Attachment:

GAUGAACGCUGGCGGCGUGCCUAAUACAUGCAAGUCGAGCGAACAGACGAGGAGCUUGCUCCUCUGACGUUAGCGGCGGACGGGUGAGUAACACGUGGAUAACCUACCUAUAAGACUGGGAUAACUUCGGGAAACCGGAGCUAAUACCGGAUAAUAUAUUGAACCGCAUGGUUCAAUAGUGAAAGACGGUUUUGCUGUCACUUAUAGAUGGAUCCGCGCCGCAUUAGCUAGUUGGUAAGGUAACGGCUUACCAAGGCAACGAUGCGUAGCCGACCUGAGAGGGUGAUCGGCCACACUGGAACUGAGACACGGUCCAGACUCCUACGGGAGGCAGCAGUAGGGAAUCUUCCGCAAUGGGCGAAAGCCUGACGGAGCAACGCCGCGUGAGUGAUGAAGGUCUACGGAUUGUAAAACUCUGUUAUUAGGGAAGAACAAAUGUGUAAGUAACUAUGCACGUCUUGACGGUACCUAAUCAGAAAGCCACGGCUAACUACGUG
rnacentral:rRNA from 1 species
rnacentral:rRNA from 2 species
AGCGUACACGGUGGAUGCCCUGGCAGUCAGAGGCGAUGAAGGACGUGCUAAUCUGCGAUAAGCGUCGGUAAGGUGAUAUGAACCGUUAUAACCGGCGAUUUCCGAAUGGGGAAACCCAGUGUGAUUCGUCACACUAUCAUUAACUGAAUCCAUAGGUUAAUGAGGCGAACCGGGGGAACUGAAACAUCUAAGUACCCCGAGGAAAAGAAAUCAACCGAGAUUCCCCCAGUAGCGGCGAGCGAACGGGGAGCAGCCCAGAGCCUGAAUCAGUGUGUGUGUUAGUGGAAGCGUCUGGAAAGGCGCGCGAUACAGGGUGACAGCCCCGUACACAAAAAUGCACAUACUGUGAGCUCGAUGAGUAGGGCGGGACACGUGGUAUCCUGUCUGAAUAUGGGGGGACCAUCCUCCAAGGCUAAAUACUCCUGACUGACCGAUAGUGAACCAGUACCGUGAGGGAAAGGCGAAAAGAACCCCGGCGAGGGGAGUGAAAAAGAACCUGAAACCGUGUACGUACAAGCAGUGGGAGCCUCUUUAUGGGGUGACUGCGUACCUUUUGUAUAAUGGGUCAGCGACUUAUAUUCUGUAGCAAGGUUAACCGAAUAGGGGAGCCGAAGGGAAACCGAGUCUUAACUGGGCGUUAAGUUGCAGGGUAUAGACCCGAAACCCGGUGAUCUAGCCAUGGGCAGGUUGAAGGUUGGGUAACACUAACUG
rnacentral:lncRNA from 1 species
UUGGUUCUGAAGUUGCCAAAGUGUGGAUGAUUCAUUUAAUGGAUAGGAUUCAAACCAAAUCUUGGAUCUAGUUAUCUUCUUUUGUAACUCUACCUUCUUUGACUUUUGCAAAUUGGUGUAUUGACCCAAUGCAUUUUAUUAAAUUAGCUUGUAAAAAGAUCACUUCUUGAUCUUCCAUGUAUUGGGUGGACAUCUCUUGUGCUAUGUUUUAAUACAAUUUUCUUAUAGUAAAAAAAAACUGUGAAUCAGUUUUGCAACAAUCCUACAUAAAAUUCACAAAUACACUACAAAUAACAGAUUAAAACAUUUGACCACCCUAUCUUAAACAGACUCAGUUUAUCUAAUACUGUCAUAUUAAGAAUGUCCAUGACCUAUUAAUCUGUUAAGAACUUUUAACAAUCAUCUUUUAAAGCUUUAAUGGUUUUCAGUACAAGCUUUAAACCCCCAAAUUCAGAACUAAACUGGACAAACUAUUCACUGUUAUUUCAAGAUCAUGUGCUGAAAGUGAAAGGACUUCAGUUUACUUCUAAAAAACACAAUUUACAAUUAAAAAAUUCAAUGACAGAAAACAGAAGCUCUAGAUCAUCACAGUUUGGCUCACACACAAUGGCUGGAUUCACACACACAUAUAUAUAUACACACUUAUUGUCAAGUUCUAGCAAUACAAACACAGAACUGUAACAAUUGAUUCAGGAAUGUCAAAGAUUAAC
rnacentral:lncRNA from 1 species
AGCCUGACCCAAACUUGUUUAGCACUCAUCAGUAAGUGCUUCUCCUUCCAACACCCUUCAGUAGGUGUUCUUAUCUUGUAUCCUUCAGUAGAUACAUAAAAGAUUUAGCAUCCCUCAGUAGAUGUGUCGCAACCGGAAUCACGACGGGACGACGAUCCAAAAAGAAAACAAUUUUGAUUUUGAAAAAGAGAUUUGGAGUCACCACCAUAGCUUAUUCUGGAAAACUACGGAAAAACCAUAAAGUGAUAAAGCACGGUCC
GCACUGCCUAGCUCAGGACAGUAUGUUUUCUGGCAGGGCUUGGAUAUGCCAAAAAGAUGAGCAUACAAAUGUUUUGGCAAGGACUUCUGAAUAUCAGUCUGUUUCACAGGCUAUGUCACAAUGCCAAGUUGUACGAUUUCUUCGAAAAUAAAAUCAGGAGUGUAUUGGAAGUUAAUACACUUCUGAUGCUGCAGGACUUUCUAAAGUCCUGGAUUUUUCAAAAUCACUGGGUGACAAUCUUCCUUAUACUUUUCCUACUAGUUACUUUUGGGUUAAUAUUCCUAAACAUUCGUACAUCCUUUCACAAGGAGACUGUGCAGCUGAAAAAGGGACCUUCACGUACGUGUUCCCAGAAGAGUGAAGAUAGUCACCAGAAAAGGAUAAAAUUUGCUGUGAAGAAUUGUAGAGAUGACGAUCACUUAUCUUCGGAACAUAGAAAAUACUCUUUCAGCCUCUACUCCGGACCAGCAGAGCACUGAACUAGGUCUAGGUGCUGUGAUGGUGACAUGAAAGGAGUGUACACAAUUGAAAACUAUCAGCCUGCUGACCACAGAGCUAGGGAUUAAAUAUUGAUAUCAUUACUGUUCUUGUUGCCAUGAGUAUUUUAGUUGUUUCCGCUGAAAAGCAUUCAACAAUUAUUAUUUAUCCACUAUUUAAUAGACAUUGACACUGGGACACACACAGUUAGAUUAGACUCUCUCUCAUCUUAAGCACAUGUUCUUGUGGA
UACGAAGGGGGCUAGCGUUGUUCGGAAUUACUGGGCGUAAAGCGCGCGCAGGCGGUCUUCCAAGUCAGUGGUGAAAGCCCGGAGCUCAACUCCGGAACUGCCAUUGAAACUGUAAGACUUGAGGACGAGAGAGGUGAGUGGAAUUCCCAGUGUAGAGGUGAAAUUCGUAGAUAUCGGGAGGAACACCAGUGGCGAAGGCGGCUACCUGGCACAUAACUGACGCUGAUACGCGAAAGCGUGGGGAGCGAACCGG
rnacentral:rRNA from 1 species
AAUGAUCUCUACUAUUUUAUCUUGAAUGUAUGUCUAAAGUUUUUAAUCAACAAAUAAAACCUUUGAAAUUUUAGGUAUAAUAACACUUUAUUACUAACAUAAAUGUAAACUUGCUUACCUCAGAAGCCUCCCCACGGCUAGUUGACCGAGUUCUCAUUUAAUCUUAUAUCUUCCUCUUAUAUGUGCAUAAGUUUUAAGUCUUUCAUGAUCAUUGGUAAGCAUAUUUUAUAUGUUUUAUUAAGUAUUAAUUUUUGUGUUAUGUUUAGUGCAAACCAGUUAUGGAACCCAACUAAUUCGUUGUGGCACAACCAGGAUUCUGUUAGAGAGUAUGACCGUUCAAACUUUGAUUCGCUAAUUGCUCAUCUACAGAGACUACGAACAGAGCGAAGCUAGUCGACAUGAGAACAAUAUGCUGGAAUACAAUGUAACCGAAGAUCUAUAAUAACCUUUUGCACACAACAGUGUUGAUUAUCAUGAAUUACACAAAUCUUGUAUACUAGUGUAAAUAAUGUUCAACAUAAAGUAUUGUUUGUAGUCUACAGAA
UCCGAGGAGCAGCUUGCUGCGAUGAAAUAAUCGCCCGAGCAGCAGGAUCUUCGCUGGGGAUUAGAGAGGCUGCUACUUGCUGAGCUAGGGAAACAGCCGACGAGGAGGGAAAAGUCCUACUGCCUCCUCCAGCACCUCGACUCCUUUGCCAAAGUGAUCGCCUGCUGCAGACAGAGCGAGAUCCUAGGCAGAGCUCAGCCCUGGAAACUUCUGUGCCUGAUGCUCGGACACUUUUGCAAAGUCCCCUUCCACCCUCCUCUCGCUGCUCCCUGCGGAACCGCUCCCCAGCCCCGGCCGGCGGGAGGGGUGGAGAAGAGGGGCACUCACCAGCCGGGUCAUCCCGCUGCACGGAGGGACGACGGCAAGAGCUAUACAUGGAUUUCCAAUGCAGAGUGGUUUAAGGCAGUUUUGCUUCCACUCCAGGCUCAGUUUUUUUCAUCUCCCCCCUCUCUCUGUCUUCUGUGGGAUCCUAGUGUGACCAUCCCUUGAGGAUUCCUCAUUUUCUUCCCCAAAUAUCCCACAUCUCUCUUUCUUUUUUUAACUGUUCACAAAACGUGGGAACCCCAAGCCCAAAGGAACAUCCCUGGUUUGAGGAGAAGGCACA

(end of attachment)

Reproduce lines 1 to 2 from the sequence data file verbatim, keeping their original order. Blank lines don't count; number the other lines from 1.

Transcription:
GAUGAACGCUGGCGGCGUGCCUAAUACAUGCAAGUCGAGCGAACAGACGAGGAGCUUGCUCCUCUGACGUUAGCGGCGGACGGGUGAGUAACACGUGGAUAACCUACCUAUAAGACUGGGAUAACUUCGGGAAACCGGAGCUAAUACCGGAUAAUAUAUUGAACCGCAUGGUUCAAUAGUGAAAGACGGUUUUGCUGUCACUUAUAGAUGGAUCCGCGCCGCAUUAGCUAGUUGGUAAGGUAACGGCUUACCAAGGCAACGAUGCGUAGCCGACCUGAGAGGGUGAUCGGCCACACUGGAACUGAGACACGGUCCAGACUCCUACGGGAGGCAGCAGUAGGGAAUCUUCCGCAAUGGGCGAAAGCCUGACGGAGCAACGCCGCGUGAGUGAUGAAGGUCUACGGAUUGUAAAACUCUGUUAUUAGGGAAGAACAAAUGUGUAAGUAACUAUGCACGUCUUGACGGUACCUAAUCAGAAAGCCACGGCUAACUACGUG
rnacentral:rRNA from 1 species